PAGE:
As kids, someone saw a crayfish at some point. From that point on, we would be obsessed with delicately wading in the water, careful not to disturb the quiet. We'd slowly pull the stones up, one at a time, hoping to see a crayfish which I can assure you, none of us ever caught.
If you find yourself there, you are well advised to swim in the foot deep water. Attempting to find stable footing on the small rocks is not going to work. And extra points if you see, let alone catch, a crayfish.
THE ABANDONED GRILL
I don’t know who they are, but there always seems to be the remnants of a campfire left behind by a visitor on the island. Some charred wood, a few rocks brought in for chairs, and a grill or an old pot.
Everytime we're out there, we find something similar...
Thankfully, that is typically the only sign that humans have visited.
The term cave is used loosely, but nonetheless, this large chunk of granite leaning up against the island is the stuff of legends. At least amongst our family.
It was a beautiful summer day back in the early 80s. My brother Jimmy was out on the island with other family members when a storm rolled in. At this point, it’s worth noting that my beloved brother passed away in 2020, so his version of events will live in infamy, unchallenged by naysayers. Perhaps one of the upsides of an early departure is that your stories have a better chance of surviving scrutiny.
True story or not, it goes like this. Storms on Lake Nipissing can show up quickly, and that is what happened in this instance. With nowhere to hide, they sought refuge behind this:
Again, not a cave in the literal sense, but cave'ish?
There are a few things to know.
- Spiders love this cave. The first thing you’d have to do to get in there would be to clear out the endless cobwebs and hope the spiders head for the hills.
- Second is the space is not big. How they jammed in there to wait out the storm is beyond me, but again, as my brother tells it, that is what they did that fateful day. I prefer to keep it as a true story.
THE MAGICAL & MINIATURE LAKES
Back 2.5–3 billion years ago when this island was pushed up out of the lake, cracks and crevices formed as the granite waged war on itself. As a result, you'll find several magical little ponds and miniature 'lakes' scattered across the island. They dry up and reappear as the weather changes from rainy to dry and sunny.
It's the kind of thing that can occupy the imagination of my 8-year old self for quite a while...
To this day, I love the vegetation growing beside the little pools of water, active with small who-knows-what-they-are swimming around in the water.
A sign of the resilience of nature, a lot of the greenery is literally growing up through the cracks in the stone, surviving from whatever their roots are finding down below.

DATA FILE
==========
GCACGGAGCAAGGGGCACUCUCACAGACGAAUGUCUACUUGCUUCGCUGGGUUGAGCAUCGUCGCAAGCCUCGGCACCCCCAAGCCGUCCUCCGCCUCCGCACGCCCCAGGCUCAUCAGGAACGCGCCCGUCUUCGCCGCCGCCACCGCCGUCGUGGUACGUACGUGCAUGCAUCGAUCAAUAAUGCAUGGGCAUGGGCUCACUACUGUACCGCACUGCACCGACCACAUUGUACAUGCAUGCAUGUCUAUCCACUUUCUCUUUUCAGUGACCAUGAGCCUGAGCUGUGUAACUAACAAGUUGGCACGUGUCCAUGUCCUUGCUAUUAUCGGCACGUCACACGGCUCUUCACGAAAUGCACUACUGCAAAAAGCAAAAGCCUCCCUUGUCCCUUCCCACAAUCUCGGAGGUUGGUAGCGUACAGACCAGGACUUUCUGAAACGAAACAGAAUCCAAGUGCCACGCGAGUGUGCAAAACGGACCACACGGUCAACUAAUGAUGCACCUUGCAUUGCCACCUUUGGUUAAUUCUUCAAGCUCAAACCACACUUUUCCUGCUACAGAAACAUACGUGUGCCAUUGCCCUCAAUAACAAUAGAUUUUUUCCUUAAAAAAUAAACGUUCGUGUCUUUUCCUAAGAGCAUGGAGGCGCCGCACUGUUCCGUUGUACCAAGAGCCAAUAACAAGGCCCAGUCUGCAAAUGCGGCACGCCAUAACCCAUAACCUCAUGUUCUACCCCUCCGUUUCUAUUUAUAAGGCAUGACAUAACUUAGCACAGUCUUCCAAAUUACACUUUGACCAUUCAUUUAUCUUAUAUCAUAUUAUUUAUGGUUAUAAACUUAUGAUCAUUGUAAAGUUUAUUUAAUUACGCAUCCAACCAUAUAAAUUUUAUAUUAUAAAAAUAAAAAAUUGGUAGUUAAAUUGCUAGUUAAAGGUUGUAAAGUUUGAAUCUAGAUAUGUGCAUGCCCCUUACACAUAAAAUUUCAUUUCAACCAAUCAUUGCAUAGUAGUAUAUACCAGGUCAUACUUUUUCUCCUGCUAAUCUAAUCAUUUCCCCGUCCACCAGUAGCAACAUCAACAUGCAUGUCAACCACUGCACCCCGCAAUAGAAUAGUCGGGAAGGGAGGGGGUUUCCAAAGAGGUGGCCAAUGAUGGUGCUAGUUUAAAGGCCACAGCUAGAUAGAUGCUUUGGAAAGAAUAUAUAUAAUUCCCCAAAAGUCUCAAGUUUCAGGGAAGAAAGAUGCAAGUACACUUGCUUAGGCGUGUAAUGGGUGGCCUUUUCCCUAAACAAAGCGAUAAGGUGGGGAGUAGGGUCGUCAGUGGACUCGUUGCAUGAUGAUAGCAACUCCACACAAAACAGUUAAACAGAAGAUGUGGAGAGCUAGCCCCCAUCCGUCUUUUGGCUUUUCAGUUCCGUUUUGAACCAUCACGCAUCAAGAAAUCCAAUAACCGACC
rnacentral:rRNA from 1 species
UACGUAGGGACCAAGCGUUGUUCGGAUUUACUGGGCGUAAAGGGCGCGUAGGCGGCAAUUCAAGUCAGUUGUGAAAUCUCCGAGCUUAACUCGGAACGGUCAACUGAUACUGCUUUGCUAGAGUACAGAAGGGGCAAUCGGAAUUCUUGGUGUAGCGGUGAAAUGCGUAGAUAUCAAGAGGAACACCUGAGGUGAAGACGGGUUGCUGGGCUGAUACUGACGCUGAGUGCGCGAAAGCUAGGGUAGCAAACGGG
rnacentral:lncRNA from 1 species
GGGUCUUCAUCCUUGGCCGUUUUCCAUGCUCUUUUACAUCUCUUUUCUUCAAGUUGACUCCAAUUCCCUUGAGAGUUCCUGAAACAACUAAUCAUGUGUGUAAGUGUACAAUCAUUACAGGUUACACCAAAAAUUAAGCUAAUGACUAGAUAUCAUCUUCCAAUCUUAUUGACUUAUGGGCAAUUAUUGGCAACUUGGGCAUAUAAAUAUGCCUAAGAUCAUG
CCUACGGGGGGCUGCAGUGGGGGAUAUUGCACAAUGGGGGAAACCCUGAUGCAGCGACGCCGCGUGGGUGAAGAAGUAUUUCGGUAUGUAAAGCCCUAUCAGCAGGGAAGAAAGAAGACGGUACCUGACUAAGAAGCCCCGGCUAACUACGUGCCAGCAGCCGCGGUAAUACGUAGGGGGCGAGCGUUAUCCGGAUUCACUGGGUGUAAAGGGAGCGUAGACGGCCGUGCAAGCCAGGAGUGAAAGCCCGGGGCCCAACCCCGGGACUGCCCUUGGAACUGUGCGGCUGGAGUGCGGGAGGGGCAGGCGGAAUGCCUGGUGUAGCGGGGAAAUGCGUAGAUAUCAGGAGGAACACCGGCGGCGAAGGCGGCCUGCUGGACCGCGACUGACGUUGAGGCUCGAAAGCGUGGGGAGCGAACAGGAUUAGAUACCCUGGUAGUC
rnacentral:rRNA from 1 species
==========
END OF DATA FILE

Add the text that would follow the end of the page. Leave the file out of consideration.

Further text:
Those trees grew over many years out of a crack in the granite...
A few hundred feet behind Whiskey Island is an outcropping of rock that has been inhabited by an army of seagulls for as long as we've been going out here. So no, that rock isn’t actually white…
Sorry. No zoom capabilities but you get the point.
On a very quiet evening on the beach back at the cottage, you can hear those gulls yelling at each other in some inane debate about who is the cooler seagull. Or something like that...
THE VELVET COVERED ROCKS
Nature has a way of making it easy to walk barefoot on the island; namely through the velvety moss and lichen on the rocks. I'm very much not a fan of velvet but for some reason, the surface of these rocks feels great underfoot. In fact, shoes are highly not recommended on Whiskey Island.
A velvet pathway...
I'm pretty sure that's lichen...
THE OSPREY NEST
For several years, there was a massive nest at the top of this tree:
The nest was at the top of the tallest tree in this photo...the top 20% was lost to a lightning strike...
And for several years, that nest was occupied by an incredible Osprey. If you haven’t seen one, think of a massive hawk with a 5-foot wingspan. This particular Osprey, with its own private island, was a perfect island resident. That is until a lightning strike took out part of the tree. What happened to the bird I don’t know, but that nest is unfortunately gone. Nature strikes again.
Additionally, the presence of a larger bird of prey could be what keeps the gulls on gull island, as I can't recall a seagull ever venturing over to Whiskey Island. Hopefully things stay that way.
HOW TO GET THERE
First step, find your way to Lake Nipissing.
Then, out from the mouth of Greening Bay, you'll find this glorious chunk of stone & trees. You can go, but on one condition: Leave it as beautiful as it was when you found it.
I'll leave you with this...
On our last trip, we met a family who was visiting from Germany. Like many of us up there, their family had been coming to the area for decades. As they swam home (they lived on a point about 800 metres away), the father said "enjoy the island".
I love that. And I hope if you manage to find yourself on Whiskey Island, I hope you enjoy the island as well. :)
For the more technical reader, here are the coordinates:
Long live Whiskey Island!